Daylight Savings Time, the practice of temporarily advancing clocks during the summertime so that evenings have more daylight and mornings have less, has been observed since 1895. The practice is the source of much annual anticipation for individuals eager to benefit from longer days and more day lit hours. A study from the American Psychological Association, however, suggests “springing forward” from Standard Time to Daylight Savings Time may have some unintended consequences such as disrupted sleep patterns and an increased risk for workplace injury. According to the study’s authors, the hour of sleep lost when Americans set their clocks an hour ahead each spring results in higher rates of workplace accidents caused by sleep loss. The study analyzed accident and time use data from the Mine Safety and Health Administration and Bureau of Labor Statistics, concluding that the average person sleeps about 40 minutes less the Sunday night of the time switch resulting in approximately 3.6 more work injuries the following Monday in hazardous occupations such as mining and construction.
If you were hurt on the job and are collecting wage loss benefits, company detectives may be stalking you to try to prove you are malingering. For about $300, Private Investigators (PIs) may mount a Global Position System (GPS) to the underside of your car and follow you throughout the day from their laptop computer. Some GPS devices are powered by the car’s battery and typically placed under the dashboard while other devices are equipped with their own batteries to enable inconspicuous placement on the vehicle’s body. PIs use the GPS device to see if you are working and not reporting your wages or if you are participating in physical activities beyond your work restrictions. Using a GPS in this fashion may have potential criminal stalking and civil privacy implications. For example, California and Texas ban the use of GPS trackers without consent with exceptions for law enforcement and car owners. If you find one of these devices on your vehicle, immediately contact your local police department.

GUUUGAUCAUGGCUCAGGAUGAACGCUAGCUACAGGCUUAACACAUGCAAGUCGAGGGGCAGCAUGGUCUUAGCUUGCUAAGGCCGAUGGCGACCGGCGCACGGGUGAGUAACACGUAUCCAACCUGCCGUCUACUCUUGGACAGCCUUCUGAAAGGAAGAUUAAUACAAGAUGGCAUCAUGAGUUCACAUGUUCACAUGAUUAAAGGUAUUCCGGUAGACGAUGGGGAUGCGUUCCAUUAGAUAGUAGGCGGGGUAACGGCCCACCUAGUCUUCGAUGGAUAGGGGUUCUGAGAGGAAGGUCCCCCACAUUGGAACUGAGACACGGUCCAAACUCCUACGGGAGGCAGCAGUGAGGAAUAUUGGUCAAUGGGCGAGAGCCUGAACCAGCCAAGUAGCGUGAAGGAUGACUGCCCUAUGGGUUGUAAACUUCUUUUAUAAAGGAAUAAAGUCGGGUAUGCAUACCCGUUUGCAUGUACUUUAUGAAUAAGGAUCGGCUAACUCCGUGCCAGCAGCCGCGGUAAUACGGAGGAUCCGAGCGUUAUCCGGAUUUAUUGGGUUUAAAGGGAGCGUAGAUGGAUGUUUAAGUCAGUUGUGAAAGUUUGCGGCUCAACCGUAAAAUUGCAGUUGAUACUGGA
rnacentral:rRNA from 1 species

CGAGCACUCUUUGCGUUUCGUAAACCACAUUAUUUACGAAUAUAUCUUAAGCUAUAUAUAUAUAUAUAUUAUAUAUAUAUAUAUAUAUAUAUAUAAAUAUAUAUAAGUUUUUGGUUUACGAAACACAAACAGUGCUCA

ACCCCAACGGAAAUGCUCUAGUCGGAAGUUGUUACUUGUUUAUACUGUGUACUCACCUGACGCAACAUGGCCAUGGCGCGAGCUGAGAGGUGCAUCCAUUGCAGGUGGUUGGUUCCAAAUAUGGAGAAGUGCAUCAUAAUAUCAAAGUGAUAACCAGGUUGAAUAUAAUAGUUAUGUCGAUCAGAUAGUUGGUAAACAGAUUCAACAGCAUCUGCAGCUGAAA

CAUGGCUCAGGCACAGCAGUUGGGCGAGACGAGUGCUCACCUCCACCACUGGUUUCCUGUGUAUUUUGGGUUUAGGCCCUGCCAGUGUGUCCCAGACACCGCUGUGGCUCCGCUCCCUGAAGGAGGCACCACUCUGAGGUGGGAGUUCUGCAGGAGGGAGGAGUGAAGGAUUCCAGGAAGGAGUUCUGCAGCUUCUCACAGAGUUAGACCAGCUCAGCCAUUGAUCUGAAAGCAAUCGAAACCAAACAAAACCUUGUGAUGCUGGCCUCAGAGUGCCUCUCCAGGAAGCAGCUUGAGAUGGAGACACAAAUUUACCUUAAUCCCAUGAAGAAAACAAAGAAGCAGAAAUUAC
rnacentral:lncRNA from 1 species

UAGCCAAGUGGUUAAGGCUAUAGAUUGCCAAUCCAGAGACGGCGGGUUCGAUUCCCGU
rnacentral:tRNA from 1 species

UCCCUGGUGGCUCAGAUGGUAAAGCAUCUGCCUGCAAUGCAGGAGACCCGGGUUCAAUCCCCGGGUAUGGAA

I. Introduction Chairman Leahy, Ranking Member Sessions and members of the Committee, thank you for inviting me to appear before you today. My name is Tom Galligan and since 2006 it has been my good fortune to serve as the President of Colby-Sawyer College in New London, New Hampshire where I am also a Professor in the Humanities Department. From 1998-2006, I was the dean of the University of Tennessee College of Law where I also held a distinguished professorship. From 1986-1998, I was a professor at the LSU Paul M. Hebert Law Center in Baton Rouge, where I also held an endowed professorship. From 1996-1998, I also served as the Executive Director of the Louisiana Judicial College. At both Tennessee and LSU, I taught and wrote about torts and maritime law. I am the author or co-author of several books and many articles on tort law and punitive damages. Along with Frank Maraist, I am the author of three books on maritime law, one of which is and another of which will soon be co-authored by Catherine Maraist. I have also written law review articles on various aspects of maritime law and given countless speeches on torts and maritime law; and I continue to speak and write on those subjects. It is an honor to appear before you today. The disaster in the Gulf of Mexico has already resulted in death, injury, environmental devastation, and economic loss to individuals, businesses, and governmental entities. Additional damage is occurring every day; […]